4. Conclusions

OTA is a mycotoxin widely studied in wines. The winemaking process is known to influence the presence and concentration of this toxin, since red wines are more contaminated than white and rosé wines. Evidence shows that OTA levels decrease throughout the winemaking process due to loss or degradation. This is a worrying aspect to consider, since the total ochratoxin levels may have been underestimated by not considering the OTA derivates.
OTA derivatives in wines are OTB, MeOTA, MeOTB, OTC, EtOTB, OTα, OTβ, OTα methyl ester, OTA ethyl amide, and OTA glucose ester of which there is little information on its toxicity. Although analogs analysis is essential, it is somewhat complex, since having different polarities and solubility, making their detection and quantification by conventional analytical methods difficult.
The few studies that analyze OTB in wines show that its prevalence is over 80% when OTA is 100%, with similar concentrations. As for OTC, its prevalence in wines ranges 70%, and its concentration is equivalent to 10% of OTA concentration.
TDI established by EPSA for OTA is 17 ng kg−1 bw day−1, and the maximum estimated range of EDI in wines is 4.1 ng kg−1 bw day−1 in drinkers. The OTA intake through the consumption of contaminated wine corresponds ≈24% of the total daily quota. However, being considered OTB and OTC, it would be estimated that this percentage would exceed 40% of the tolerable daily intake. Although, OTB is less toxic than OTA, and OTC easily converts to OTA after oral administration. Therefore, the underestimation of these derivatives brings with it a worrying scenario for public health.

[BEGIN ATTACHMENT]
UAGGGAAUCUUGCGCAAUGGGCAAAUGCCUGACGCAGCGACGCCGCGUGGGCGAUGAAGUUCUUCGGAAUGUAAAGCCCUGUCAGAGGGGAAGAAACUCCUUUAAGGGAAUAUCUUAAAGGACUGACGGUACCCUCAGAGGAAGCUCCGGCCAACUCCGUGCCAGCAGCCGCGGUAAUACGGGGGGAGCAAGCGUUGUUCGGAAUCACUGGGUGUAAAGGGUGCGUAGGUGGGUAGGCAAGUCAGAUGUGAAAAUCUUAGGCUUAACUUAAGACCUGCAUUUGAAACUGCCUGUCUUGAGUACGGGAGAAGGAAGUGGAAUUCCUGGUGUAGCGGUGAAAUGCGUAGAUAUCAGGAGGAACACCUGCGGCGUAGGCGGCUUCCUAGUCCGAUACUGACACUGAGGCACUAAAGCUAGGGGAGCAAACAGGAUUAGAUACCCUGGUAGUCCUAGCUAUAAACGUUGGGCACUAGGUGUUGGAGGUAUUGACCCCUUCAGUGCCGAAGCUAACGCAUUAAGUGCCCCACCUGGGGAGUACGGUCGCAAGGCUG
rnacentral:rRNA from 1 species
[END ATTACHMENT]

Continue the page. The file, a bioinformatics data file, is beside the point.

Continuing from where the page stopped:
The underestimating ochratoxin concentration in wines is accurate, and future studies should focus on evaluating the exposure risk to total ochratoxins and not just OTA. Furthermore, it is essential to carry out a more profound toxicity analysis of OTA derivatives to investigate whether synergism or antagonism between the different ochratoxins and study the cumulative effect on organs and tissues.

Funding

This research was funded by ANID/FONDECYT, grant number 11181303.

Institutional Review Board Statement

Not applicable.

Informed Consent Statement

Not applicable.

Data Availability Statement

Not applicable.

Conflicts of Interest